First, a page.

Incline Equity Partners, a Pittsburgh-based private equity firm, is pleased to announce that it has made an investment in Revival Animal Health, a leading value-added distributor of pet health products. Headquartered in Orange City, IA, Revival offers a broad product assortment that includes pet vaccines, reproductive health aids, supplements and prescription medications. The Company primarily sells its products via its eCommerce website and serves an expansive customer base of breeders, animal shelters, veterinarians and other pet health professionals. “Revival sells predominantly consumable products to a diverse, loyal customer base,” said Victor Martinelli, Principal at Incline.
After six months of closed theaters and an operating loss $2 billion, Regal Cinemas will be reopening some 500 theaters beginning this month. Attendance will be capped at between 25% and 50% of capacity, depending upon location. The next largest chain in America after AMC, Regal operates 7,211 locations in 42 states. After the outbreak of the pandemic, Warner Bros. announced it would release all its 2021 films simultaneously in theaters and on HBO. Regal’s owner, Cineworld, made an agreement to abide by Warner’s earlier pledge and will therefore be opening theaters and showing Warner Bros. pictures. Cineworld announced that it had secured new liquidity in the form of a $213 million convertible bond and that it expected a $200 million US Cares Act tax refund. Also expected is strong pent-up demand for affordable out-of-home entertainment.
Technology & Internet
Amazon last week soundly defeated a union drive at one of its Alabama warehouses, a major win for the e-commerce giant that has long fought unionization attempts at its facilities. Workers at the Bessemer, Alabama, warehouse voted overwhelmingly in favor of rejecting unionization, with fewer than 30% of the votes tallied in favor. The Retail, Wholesale and Department Store Union, which led the union drive, intends to challenge the outcome, arguing that Amazon broke the law with some of its anti-union activity before and during voting. The outcome delivers a setback to organized labor, which had hoped the Bessemer election would help establish a foothold at Amazon. But unions, worker advocates, and some employees at the Bessemer facility, known as BHM1, said they believe that the Bessemer election will fuel further organizing attempts at other warehouses across the country. Labor leaders say the Bessemer election also revealed to the general public the lengths to which employers will go to prevent unions.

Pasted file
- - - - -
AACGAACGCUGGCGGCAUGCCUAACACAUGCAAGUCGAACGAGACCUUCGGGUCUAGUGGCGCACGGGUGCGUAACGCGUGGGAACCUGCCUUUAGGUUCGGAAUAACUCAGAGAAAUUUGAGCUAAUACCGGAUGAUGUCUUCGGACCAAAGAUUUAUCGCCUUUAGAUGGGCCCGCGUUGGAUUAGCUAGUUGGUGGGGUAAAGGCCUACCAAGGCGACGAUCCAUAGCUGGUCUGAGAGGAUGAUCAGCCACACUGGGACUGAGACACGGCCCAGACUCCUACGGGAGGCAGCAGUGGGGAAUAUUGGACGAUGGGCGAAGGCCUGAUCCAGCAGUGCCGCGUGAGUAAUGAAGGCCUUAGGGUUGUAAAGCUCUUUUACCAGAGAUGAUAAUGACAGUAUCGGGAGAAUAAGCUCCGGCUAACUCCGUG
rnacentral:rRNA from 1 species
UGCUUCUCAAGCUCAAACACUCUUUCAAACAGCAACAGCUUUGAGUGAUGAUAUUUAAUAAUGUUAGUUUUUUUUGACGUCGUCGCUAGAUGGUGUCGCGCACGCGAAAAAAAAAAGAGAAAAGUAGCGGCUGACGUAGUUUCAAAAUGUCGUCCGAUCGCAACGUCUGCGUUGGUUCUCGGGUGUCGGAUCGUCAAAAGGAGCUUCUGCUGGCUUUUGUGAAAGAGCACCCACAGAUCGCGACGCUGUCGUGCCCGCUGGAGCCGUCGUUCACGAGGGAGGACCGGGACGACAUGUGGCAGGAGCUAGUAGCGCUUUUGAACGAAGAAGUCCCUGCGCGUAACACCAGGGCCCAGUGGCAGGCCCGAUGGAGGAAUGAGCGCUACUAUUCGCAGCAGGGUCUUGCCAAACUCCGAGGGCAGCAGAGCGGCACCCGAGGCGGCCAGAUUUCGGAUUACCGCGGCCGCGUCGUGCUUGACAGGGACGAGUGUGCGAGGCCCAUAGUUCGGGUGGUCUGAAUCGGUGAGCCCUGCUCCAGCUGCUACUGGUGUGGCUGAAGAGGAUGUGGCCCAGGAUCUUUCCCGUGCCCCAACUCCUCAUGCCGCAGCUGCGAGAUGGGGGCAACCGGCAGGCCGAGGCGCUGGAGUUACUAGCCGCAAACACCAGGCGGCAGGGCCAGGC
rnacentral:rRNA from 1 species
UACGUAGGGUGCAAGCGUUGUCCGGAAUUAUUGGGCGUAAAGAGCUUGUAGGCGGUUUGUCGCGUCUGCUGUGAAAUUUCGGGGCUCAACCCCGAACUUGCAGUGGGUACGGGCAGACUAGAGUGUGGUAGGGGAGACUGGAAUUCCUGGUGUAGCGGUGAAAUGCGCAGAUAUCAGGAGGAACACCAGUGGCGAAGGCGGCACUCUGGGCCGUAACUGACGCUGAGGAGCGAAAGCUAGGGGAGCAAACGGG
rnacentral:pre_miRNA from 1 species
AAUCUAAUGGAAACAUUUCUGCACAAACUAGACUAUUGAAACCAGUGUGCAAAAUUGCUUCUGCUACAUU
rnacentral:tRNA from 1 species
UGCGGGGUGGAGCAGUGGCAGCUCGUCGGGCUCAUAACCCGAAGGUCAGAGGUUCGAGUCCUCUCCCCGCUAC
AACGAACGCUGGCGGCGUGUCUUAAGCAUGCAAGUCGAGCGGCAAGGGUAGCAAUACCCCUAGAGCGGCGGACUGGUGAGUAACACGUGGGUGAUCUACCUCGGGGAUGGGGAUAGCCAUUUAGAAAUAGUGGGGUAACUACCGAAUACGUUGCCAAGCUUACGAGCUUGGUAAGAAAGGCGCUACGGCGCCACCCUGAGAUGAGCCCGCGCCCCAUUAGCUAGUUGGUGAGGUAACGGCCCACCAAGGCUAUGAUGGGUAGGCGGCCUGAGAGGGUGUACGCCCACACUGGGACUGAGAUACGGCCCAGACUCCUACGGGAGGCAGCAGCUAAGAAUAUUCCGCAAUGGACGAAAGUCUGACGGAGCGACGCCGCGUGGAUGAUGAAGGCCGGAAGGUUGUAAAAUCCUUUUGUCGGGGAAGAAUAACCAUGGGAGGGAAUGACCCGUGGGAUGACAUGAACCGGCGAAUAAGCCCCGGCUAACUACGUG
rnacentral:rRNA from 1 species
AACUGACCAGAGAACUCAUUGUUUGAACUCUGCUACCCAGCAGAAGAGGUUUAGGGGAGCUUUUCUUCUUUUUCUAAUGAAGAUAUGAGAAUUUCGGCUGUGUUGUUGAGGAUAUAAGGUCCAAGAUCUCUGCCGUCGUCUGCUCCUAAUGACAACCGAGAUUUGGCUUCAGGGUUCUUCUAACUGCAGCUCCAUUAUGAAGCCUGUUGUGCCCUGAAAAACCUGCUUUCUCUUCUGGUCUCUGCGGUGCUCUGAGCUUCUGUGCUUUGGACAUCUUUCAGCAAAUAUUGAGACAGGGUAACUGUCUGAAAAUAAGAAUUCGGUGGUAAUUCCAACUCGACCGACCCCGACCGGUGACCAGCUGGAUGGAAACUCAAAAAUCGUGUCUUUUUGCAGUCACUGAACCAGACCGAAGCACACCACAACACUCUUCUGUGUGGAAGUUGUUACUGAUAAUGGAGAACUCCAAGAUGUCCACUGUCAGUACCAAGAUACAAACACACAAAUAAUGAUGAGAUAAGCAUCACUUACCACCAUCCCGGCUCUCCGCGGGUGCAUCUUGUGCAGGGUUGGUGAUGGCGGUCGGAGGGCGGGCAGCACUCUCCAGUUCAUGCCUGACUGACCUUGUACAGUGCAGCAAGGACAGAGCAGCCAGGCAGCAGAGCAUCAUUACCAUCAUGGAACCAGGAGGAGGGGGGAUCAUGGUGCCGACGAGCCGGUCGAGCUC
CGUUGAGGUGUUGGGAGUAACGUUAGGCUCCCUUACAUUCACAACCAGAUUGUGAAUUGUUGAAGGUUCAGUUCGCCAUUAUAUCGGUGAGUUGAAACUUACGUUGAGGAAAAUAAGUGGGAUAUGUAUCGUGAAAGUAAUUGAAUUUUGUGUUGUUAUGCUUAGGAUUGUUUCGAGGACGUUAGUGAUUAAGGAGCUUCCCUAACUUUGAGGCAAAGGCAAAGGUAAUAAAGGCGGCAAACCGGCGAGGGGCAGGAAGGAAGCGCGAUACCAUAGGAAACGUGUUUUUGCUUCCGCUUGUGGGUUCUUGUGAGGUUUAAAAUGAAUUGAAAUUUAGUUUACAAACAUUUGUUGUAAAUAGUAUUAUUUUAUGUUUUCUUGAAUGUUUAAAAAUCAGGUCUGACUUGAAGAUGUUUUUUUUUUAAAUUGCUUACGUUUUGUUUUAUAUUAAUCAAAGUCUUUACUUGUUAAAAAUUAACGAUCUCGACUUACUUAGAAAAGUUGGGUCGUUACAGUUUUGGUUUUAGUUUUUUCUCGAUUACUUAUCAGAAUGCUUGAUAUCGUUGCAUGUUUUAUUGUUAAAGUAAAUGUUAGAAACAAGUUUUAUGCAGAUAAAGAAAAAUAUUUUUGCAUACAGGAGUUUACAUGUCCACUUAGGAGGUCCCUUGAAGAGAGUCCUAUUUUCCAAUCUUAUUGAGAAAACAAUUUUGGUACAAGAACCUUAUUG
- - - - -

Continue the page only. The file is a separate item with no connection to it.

Squarespace, which makes software for people to build websites, on Friday filed to go public on the New York Stock Exchange under the symbol “SQSP.” The company is eschewing a traditional initial public offering, where it would issue new shares to institutional investors to raise new capital, and is instead using a direct listing, where it sells existing shares on the public market to let earlier investors and employees get liquidity. The company reported $621.1 million in revenue in 2020, with revenue growing 28% year over year. Squarespace wants to grow its business by signing up new customers and getting existing clients to use more of its services, including tools for selling products online. Squarespace had more than 3.6 million subscriptions at the end of the year, up about 23%. Rather than going after big enterprises, Squarespace focuses on self-employed people and small businesses.
Finance & Economy
A fresh batch of stimulus checks sent consumer purchases surging in March as the U.S. economy continued to get juice from aggressive congressional spending. Advance retail sales rose 9.8% for the month, the Commerce Department reported. That compared to the Dow Jones estimate of a 6.1% gain and a decline of 2.7% in February. Sporting goods, clothing and food and beverage led the gains in spending and contributed to the best month for retail since the May 2020 gain of 18.3%, which came after the first round of stimulus checks.
Consumer prices rose in March for the fourth month in a row and the pace of inflation hit the highest level in two and a half years, underscoring new pressures emerging on the economy as the U.S. recovers from the coronavirus pandemic. Oil prices are on the rise because of production cutbacks by energy companies and higher consumer demand as Americans get back on the road or take to the skies again. The cost of gasoline jumped again and accounted for almost half of the increase in the cost of living last month. Gas prices leaped 9.1%. The cost of food edged up a scant 0.1%, but prices are expected to rise somewhat faster in the coming months, particularly for takeout and meals prepared outside the home.